Now, I Present to You…

Over the course of my career, I’ve attended several conferences, conventions, panels, symposiums, workshops, seminars and events with other fancy or weird names. Inevitably (even when some events by definition are meant to be interactive… e.g. the “work” in “workshop” is there for a reason), someone will end up giving a presentation, and if you are lucky, it will be interesting or related to your work. If not, tough luck, get your laptop or phone out to keep you awake… and yes, in case you are wondering, I am writing this during a presentation at a conference.

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Yeah, they only missed the part in which you make the next presenter start even later.

Sadly, even if the presentation topic is not your cup of tea, sometimes the actual information turns out to be useful in unexpected ways. Not that it matters because by the time you wake up, you won’t remember. It makes you wonder how much information is lost in these events (which sometimes cost thousands of dollars to attend to, but most of us get paid to go so we easily forget this).

Although I would love to tell you how to stay awake and alert during presentations, I am afraid I have not yet mastered that art; however, as a presenter there are a few things you can do to keep your audience captivated even when talking about snails’ sexual habits (because there are people who actually talk about it).

Anyways, without further ado, here is the list of the often overlooked yet essential presentation skills you should keep in mind (specially when talking to a broad audience).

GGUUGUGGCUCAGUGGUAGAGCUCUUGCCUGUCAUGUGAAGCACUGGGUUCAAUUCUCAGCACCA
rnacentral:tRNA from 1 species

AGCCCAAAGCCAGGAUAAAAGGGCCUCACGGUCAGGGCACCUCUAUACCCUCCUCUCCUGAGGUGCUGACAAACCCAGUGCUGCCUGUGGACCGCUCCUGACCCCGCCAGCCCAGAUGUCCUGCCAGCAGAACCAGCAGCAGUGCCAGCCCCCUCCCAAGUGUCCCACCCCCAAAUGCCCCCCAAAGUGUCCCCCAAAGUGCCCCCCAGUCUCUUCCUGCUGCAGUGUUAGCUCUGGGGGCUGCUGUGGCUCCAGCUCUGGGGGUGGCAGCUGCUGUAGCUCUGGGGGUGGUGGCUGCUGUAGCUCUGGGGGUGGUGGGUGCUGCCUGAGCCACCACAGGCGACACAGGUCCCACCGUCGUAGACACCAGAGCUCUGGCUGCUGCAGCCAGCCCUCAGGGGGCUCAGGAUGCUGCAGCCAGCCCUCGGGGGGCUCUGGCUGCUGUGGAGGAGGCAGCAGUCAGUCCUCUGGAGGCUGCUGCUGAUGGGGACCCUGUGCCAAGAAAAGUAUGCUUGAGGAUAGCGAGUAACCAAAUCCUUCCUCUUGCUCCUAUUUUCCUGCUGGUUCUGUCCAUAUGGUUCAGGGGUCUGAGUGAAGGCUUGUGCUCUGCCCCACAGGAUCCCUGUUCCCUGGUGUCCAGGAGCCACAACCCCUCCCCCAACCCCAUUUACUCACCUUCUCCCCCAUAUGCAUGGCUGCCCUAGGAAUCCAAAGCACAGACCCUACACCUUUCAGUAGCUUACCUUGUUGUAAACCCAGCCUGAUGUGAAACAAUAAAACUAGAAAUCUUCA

1. It’s not the audience’s responsibility to pay attention. In fact, quite the opposite, it’s our responsibility to keep their attention. We tend to think as presenters that if we got invited/accepted to be there and talk, everyone else must be interested in whatever we have to say, regardless of how we say it. The easiest way to overcome this is to imagine that everyone in the room paid a huge amount of money to see you, or that they came from very far away (both of which are often the case).

2. You are an entertainer. Make it interesting, or at least try (I applaud a little effort, even if unsuccessful). Think how other people look at your topic, how they relate to it, and who is your audience. You don’t have to be a circus though, otherwise they might miss the message or you might not be taken seriously. Some ideas to deal with this is to prepare a few clever jokes that you can use during your talk. If you are creative enough, remember that “dramas” and “thrillers” are also fun, so you can build up your presentation as a story and make it flow so that your audience can’t wait to discover the conclusion (and not because they just want to leave). Hint: People love to hear about other people screwing up. You can use some examples, but be sure that whomever you refer to is not in your audience (simply don’t say anything you wouldn’t want a friend of the screwed guy or gal to hear). If you do this just be tasteful and respectful about it.